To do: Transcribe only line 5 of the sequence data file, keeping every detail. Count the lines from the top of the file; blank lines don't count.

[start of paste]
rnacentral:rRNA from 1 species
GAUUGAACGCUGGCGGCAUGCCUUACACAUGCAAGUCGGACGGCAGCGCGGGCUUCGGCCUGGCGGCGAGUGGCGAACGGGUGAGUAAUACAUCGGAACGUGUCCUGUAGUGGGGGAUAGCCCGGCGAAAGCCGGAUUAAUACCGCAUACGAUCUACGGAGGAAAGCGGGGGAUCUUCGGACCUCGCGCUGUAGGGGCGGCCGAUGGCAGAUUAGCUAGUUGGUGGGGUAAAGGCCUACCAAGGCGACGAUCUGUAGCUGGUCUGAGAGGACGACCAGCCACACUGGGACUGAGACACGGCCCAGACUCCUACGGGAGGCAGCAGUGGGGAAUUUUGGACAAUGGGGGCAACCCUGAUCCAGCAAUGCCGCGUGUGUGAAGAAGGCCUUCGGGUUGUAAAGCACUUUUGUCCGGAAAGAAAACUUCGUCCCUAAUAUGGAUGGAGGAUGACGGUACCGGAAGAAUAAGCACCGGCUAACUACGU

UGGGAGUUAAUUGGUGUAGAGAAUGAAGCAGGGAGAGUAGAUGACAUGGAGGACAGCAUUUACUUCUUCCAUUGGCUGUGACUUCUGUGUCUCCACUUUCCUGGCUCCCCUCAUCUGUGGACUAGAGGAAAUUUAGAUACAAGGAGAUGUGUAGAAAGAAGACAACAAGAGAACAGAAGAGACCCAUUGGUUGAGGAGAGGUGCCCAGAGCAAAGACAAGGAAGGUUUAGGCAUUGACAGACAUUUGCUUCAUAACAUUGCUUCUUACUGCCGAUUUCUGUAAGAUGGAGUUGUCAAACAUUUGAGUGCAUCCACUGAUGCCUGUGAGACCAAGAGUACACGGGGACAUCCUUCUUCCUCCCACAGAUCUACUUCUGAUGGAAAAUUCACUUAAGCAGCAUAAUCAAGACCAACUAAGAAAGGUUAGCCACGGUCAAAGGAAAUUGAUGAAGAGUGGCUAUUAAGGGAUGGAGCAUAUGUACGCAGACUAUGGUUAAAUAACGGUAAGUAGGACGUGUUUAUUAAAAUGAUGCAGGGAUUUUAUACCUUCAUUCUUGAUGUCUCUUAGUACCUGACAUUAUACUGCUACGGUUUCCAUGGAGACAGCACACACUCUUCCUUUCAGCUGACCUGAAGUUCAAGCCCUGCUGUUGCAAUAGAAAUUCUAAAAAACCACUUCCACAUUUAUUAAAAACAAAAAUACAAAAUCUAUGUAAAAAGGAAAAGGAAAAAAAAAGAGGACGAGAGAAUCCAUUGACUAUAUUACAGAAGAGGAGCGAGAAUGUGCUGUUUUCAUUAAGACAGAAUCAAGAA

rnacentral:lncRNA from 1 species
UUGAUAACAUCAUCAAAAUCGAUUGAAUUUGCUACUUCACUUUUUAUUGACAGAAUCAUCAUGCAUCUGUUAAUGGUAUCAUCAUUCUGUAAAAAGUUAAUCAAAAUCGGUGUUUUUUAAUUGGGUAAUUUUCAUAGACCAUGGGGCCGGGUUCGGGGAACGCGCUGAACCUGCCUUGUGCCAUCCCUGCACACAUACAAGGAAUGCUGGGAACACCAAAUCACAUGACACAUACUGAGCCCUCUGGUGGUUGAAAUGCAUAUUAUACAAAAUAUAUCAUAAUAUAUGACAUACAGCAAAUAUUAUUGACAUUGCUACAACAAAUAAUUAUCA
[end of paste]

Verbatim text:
UUGAUAACAUCAUCAAAAUCGAUUGAAUUUGCUACUUCACUUUUUAUUGACAGAAUCAUCAUGCAUCUGUUAAUGGUAUCAUCAUUCUGUAAAAAGUUAAUCAAAAUCGGUGUUUUUUAAUUGGGUAAUUUUCAUAGACCAUGGGGCCGGGUUCGGGGAACGCGCUGAACCUGCCUUGUGCCAUCCCUGCACACAUACAAGGAAUGCUGGGAACACCAAAUCACAUGACACAUACUGAGCCCUCUGGUGGUUGAAAUGCAUAUUAUACAAAAUAUAUCAUAAUAUAUGACAUACAGCAAAUAUUAUUGACAUUGCUACAACAAAUAAUUAUCA